Wisconsin Alumni Research Foundation

Semiconductors & Integrated Circuits
Semiconductors Integrated Circuits
Masks for Growing Nanopatterned Polymer Brushes
WARF: P130118US01

Inventors: Padma Gopalan, Daniel Sweat, Myungwoong Kim, Eungnak Han

The Wisconsin Alumni Research Foundation (WARF) is seeking commercial partners interested in developing block copolymer-based masks that can be used to more easily manufacture patterned polymer brushes.
Polymer brushes are a broad class of materials made of polymer chains tethered at one end to a substrate. These brushes are able to tune and modify surface properties like bioadhesion and wettability.

Two main strategies are used to grow polymer brushes: grafting ‘to’ and grafting ‘from.’ The grafting ‘from’ approach is faster and can be used with a range of substrates. It works by anchoring a suitable initiator to a substrate and then directly growing polymer chains via some polymerization technique. One favored technique is SI-ATRP (surface-initiated atom transfer radical polymerization), which is versatile and lends a high degree of control.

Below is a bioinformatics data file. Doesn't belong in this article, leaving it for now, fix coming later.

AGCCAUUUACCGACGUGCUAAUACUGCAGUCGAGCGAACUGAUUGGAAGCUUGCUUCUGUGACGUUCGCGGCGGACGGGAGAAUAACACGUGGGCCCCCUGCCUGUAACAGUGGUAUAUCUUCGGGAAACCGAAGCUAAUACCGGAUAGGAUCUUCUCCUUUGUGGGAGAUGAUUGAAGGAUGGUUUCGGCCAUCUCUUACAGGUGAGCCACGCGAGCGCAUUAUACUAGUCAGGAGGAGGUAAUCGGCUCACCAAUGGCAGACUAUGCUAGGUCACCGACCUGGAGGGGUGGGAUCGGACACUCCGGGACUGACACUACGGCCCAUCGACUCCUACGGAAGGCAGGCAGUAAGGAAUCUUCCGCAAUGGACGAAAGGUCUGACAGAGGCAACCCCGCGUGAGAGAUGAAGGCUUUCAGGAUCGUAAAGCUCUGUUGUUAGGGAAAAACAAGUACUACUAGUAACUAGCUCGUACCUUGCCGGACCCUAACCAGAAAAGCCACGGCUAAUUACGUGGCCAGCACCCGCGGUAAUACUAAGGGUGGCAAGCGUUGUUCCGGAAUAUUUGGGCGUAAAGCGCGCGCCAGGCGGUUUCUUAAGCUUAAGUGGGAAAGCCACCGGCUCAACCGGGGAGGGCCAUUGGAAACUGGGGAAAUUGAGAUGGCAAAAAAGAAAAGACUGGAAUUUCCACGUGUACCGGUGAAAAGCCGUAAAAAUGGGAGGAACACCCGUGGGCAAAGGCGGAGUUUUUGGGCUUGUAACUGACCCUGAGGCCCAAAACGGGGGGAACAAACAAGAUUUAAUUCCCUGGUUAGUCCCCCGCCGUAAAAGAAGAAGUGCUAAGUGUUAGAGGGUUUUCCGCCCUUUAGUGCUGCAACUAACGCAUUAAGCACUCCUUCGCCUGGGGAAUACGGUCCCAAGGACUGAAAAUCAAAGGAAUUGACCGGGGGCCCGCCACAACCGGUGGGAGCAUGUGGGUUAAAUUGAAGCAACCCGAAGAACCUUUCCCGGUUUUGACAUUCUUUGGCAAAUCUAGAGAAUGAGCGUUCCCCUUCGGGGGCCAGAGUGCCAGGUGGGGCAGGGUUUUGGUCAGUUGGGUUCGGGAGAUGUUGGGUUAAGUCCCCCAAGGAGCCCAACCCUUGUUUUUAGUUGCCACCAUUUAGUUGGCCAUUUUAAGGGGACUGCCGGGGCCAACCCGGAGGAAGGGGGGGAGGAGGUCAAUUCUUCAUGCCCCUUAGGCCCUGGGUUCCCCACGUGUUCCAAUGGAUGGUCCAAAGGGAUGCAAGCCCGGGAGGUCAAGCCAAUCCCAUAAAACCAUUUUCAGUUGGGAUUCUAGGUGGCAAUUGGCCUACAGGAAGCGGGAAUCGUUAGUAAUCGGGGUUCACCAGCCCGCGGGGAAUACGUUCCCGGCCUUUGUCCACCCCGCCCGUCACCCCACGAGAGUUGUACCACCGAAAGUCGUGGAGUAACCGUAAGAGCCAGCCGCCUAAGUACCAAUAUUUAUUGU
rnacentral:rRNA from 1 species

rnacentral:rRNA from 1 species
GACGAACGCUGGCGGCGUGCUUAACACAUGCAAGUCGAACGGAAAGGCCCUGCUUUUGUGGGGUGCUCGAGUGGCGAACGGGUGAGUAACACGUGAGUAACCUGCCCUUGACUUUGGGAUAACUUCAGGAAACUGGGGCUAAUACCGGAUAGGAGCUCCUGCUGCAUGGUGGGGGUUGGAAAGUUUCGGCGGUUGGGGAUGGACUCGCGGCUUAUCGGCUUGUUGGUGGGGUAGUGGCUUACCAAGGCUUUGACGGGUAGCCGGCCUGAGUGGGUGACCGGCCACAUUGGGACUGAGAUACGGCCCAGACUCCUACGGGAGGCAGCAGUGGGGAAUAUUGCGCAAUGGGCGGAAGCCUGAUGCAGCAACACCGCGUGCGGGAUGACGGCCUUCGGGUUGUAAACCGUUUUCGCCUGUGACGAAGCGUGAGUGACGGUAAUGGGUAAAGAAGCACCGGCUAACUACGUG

Furthermore, it is possible to create polymer brushes with desired nanoscale features. But this has conventionally required growing them on a substrate that’s been patterned by sophisticated lithography. It would be highly useful if polymer brushes could be grown and patterned using a standard process like SI-ATRP.
The Invention
UW–Madison researchers have developed a method for growing nanopatterned polymer brushes using SI-ATRP. The method relies on making and using a lithographic mask.

The mask has three layers: a surface, a neutral layer and a block copolymer (BCP) film. The neutral layer serves two purposes. First, it induces the overlying BCP film to form vertical domains. Secondly, it provides initiating sites from which to grow the polymer brush chains.

Before that can happen, parts of the BCP film are selectively removed by etching. This forms a desired pattern of exposed regions. During SI-ATRP, these regions are exposed to a growth solution. The result is a polymer brush made of multiple chains, each of which is attached to the neutral layer.
  • Manufacturing nanopatterned polymer brushes for semiconductor templates
  • Biological and filtration uses
Key Benefits
  • High grafting density
  • Relies on standard manufacturing methods
  • No need to optimize conditions for each new surface
Additional Information
For More Information About the Inventors
For current licensing status, please contact Jeanine Burmania at [javascript protected email address] or 608-960-9846